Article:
Call Blocking Fourth Report and Order, FCC 20-187, Paras. 62-70, 47 CFR 64.1200(k)(10)

Any terminating provider that blocks calls on an opt-out or opt-in basis, either itself or through a third-party blocking service, must provide, at the request of the subscriber to a number, at no Start Printed Page 27432additional charge and within 3 business days of such a request, a list of calls to that number, including the date and time of the call and the calling number, that the terminating provider or its designee blocked within the 28 days prior to the request.

The second portion of the new information collection for which OMB approval is sought comes from the requirement in the Call Blocking Fourth Report and Order that any terminating voice service provider that blocks calls on an opt-in or opt-out basis must provide, on the request of the subscriber to a particular number, a list of all calls intended for that number that the voice service provider or its designee has blocked. The list must include the prior 28 days of blocked calls and must be provided to the subscriber within 3 business days.The TRACED Act expressly directs the Commission to ensure that both consumers and callers are provided with transparency. In the Call Blocking Fourth Report and Order, the Commission determined that, while opt-in or opt-out blocking must already be disclosed to consumers, a consumer may be unaware that particular calls are blocked absent such a list. Consumers can use the list to determine whether to opt out of blocking services or reach out to callers whose calls may have been blocked.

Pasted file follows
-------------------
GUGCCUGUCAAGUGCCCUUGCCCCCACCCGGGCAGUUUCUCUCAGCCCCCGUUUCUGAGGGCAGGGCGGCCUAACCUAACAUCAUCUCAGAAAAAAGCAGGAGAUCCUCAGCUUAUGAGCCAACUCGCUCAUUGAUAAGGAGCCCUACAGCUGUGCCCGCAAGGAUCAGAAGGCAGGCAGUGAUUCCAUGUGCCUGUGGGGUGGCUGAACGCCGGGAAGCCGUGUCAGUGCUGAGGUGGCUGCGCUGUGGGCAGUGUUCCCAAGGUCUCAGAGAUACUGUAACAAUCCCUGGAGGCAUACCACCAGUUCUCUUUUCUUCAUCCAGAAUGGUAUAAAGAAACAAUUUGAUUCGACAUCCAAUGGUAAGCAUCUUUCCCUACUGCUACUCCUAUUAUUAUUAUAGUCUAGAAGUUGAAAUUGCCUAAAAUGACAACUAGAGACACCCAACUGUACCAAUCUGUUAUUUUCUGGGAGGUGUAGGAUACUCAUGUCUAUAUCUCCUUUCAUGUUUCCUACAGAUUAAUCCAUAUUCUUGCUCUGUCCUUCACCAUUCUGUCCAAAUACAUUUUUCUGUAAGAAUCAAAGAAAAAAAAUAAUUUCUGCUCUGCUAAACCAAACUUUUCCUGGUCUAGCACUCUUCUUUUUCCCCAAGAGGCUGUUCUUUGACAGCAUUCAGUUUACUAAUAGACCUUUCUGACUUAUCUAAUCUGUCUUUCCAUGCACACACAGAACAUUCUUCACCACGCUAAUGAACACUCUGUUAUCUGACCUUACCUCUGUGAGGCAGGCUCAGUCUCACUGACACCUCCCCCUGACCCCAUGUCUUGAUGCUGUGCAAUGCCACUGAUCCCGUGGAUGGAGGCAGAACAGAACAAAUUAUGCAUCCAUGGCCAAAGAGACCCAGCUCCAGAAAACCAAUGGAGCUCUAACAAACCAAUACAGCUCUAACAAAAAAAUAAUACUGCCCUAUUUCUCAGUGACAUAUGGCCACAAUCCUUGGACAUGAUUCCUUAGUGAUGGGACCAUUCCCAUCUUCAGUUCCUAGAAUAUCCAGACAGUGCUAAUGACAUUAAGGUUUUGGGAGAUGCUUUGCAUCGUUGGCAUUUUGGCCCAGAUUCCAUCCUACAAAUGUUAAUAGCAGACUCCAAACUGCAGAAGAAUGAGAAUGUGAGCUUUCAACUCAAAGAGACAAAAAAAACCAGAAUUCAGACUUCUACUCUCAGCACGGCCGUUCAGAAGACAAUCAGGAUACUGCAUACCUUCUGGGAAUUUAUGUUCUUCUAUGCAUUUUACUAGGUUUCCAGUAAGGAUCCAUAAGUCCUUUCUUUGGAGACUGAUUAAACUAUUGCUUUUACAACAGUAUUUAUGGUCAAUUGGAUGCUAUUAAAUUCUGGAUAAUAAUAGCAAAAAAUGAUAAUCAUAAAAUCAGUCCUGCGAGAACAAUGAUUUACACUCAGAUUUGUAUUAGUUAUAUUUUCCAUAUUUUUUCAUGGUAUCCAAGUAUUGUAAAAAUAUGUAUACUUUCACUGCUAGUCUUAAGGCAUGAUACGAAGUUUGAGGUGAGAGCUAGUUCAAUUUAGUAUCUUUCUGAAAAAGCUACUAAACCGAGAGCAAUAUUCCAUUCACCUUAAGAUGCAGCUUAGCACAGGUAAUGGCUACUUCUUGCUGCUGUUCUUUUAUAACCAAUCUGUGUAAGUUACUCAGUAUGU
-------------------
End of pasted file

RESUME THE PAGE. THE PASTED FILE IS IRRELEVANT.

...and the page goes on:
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Federal Communications Commission.

Marlene Dortch,

Secretary, Office of the Secretary.

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[FR Doc. 2021-10601 Filed 5-19-21; 8:45 am]